Igbo Olokun: Igbo Olokun used to be a forested, sacred grove (igbo) that housed shrines at which the goddess Olokun was worshipped. Igbo Olokun in the city of Ile-Ife, in south-western Nigeria, was said to have a history of glass makers with unique manufacturing techniques in West Africa. The recovery of glass beads and associated production materials were found there during excavation. Analysis of the composition of the artefacts and preliminary dating of the site, which puts the main timing of glass-working between the 11th and 15th centuries AD. The results of these studies suggest that glass bead manufacture at this site was largely independent of glass-making traditions documented farther afield, and that Igbo Olokun may represent one of the earliest known glass-production workshops in West Africa. The location is not divulged except on request and permission of the keepers of the shrine because it is a sacred grove.[19]

Oduduwa Shrine and Grove: The shrine of the progenitor of the Yoruba race. Worshippers and initiates flood the place seeking blessings and pay obeisance to the originator of their civilization.[20]

Agbonniregun Temple: The grove of Ọrunmila an Orisha. He is the Orisha of wisdom, knowledge, and divination. This source of knowledge is believed to have a keen understanding of the human form and of purity, and is therefore praised as often being more effective than other remedies.[21]

Archaeology edit

 
Solomon's knot, Ìbọ̀, a quasi-heraldic symbol of Yoruba royalty.

Burnt pipes (or tuyere), stone tools, broken calabash, decorated potsherds, and pottery (e.g., rimsherd, plane-sherd body, broken, and washed pottery) were excavated at Iyekere.[citation needed] Iron smelting, charcoal utilized in the process of smelting, and iron slags involved in pitting were also discovered.[citation needed]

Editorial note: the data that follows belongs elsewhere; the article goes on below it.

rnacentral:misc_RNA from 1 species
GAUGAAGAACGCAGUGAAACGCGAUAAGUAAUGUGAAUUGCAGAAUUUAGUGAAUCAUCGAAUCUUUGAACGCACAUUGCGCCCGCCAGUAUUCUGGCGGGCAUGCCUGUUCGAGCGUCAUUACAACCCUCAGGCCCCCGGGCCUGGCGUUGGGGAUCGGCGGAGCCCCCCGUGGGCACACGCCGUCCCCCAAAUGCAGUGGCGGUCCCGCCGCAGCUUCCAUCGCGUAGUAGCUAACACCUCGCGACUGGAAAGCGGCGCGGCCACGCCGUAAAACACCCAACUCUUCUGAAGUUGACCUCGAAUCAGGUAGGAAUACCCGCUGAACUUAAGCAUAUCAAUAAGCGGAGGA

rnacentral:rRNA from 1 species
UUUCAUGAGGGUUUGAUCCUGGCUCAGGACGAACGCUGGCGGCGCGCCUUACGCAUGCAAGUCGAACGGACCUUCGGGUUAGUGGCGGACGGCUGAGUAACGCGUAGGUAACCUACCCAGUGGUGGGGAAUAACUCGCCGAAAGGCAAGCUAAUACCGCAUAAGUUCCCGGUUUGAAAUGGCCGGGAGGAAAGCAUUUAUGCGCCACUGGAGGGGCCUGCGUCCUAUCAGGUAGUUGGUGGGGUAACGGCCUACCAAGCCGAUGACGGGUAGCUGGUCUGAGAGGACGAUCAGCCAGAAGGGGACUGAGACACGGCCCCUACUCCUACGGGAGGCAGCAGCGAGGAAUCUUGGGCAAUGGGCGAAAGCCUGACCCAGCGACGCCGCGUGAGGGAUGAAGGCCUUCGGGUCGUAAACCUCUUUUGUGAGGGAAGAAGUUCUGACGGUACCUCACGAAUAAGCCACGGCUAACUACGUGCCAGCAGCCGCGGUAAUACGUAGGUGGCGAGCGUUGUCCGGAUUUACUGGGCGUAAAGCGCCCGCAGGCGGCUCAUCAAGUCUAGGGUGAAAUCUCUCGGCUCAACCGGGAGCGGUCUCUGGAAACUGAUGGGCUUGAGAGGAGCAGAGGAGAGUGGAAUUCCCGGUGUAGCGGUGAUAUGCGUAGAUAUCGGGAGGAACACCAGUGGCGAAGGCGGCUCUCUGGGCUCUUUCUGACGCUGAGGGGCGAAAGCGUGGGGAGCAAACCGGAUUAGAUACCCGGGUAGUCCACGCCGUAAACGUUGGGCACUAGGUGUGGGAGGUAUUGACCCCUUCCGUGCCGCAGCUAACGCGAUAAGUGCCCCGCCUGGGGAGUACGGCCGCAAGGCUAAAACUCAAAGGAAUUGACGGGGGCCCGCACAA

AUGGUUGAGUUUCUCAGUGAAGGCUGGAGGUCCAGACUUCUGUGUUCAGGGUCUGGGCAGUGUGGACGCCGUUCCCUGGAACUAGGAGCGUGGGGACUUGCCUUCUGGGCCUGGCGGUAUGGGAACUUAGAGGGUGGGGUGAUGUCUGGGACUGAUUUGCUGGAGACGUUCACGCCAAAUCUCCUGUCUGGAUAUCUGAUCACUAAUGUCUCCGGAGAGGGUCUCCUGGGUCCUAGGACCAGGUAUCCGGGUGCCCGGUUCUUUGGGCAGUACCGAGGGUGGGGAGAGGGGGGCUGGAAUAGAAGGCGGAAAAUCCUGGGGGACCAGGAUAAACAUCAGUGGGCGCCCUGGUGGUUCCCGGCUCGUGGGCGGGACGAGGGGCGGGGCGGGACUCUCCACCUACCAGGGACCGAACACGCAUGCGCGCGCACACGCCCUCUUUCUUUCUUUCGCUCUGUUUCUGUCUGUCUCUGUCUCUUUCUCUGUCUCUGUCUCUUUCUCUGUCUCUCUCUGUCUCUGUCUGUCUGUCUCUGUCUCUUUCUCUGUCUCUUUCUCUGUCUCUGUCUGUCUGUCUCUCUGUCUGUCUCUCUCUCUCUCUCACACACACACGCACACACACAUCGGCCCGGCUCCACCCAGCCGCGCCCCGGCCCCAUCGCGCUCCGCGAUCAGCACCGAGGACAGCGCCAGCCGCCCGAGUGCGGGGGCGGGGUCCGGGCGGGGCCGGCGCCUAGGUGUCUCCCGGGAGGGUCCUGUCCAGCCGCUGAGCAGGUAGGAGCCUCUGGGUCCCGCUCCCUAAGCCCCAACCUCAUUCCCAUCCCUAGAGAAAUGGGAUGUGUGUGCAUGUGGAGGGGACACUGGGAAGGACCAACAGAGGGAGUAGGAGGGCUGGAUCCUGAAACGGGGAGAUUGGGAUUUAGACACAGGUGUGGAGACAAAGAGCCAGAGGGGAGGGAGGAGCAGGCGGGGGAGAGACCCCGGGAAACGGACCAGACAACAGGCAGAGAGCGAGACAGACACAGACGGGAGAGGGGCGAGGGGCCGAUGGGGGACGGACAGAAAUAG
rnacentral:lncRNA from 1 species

Iron smelting occurred in the Ife region.[22] The yield and efficiency were quite high as the iron smelting process yielded ore grade near 80 percent iron oxide, lean slag possessed less than 60 percent iron oxide, and no greater than the required amount of iron oxide in the slag was left for slag formation.[22] While more excavation is needed to produce a more accurate estimate for the age of the smelting site, it can be approximated to likely being precolonial, during the Late Iron Age.[22]

Igbo Olokun, also known as Olokun Grove,[23] may be one of the earliest workshops for producing glass in West Africa.[24] Glass production may have begun during, if not before, the 11th century.[23] The 11th - 15th century were the peak of glass production.[23] High lime, high alumina (HLHA) and low lime, high alumina (LLHA) glass are distinct compositions that were developed using locally sourced recipes, raw materials, and pyrotechnology.[25] The presence of HLHA glass beads discovered throughout West Africa[25] (e.g., Igbo-Ukwu in southern Nigeria, Gao and Essouk in Mali, and Kissi in Burkina Faso), after the ninth century CE,[26] reveals the broader importance of this glass industry in the region and shows its participation in regional trade networks[25] (e.g., trans-Saharan trade, trans-Atlantic trade).[23] Glass beads served as “the currency for negotiating political power, economic relations, and cultural/spiritual values” for “Yoruba, West Africans, and the African diaspora.”[23]

In Osun Grove, the distinct glassmaking technology produced by the Yoruba persisted into the seventeenth century.[27]

 
Glass beads of different colors and shapes from Ile-Ife, Nigeria

Government edit

The main city of Ife is divided into two local government areas: Ife East, headquartered at Oke-ogbo and Ife central at Ajebandele area of the city. Both local governments are composed of a total of 21 political wards. The city has an estimated population of 355,813 people.[28]

Geography edit

Latitudes 7°28′N and 7°45′N and longitudes 4°30′E and 4°34′E. Ile-Ife is a rural area with settlements where agriculture is occupied by most. Ife has an undulating terrain underlain by metamorphic rocks and characterized by two types of soils, deep clay soils on the upper slopes and sandy soils on the lower parts. Within the tropical savanna climate zone of West Africa. It has average rainfall of 1,000–1,250 mm (39–49 in) usually from March to October and a mean relative humidity of 75% to 100%. Ife is east of the city of Ibadan and connected to it through the Ife-Ibadan highway; Ife is also 40 km (25 mi) from Osogbo and has road networks to other cities such as Ede, Ondo and Ilesha. There is the Opa river and reservoir, that serves as a water treatment facility for OAU college.[citation needed]

Climate edit

In Ifé, the dry season is muggy and partially cloudy, and the temperature is high all year round. The wet season is oppressive and overcast. The average annual temperature ranges from 66 to 93 degrees Fahrenheit, rarely falling below 60 or rising over 98.[29][30][31]